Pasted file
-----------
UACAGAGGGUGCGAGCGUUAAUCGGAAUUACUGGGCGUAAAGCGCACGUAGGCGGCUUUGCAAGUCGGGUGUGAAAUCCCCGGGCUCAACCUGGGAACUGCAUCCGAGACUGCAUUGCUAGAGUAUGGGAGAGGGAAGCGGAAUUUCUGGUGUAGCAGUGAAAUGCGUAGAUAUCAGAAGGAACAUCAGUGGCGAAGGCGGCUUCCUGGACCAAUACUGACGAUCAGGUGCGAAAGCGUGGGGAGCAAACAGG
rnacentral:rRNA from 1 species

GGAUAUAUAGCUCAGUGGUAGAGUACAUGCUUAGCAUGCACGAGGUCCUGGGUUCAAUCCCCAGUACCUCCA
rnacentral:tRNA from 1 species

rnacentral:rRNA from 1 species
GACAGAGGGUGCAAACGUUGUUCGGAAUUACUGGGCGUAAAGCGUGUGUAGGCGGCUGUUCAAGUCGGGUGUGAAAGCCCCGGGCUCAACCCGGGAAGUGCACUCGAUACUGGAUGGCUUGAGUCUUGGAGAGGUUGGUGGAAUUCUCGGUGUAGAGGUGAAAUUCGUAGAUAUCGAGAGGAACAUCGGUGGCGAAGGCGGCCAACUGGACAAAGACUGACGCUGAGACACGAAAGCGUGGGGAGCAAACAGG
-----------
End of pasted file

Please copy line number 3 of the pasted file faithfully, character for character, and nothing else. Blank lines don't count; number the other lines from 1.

GGAUAUAUAGCUCAGUGGUAGAGUACAUGCUUAGCAUGCACGAGGUCCUGGGUUCAAUCCCCAGUACCUCCA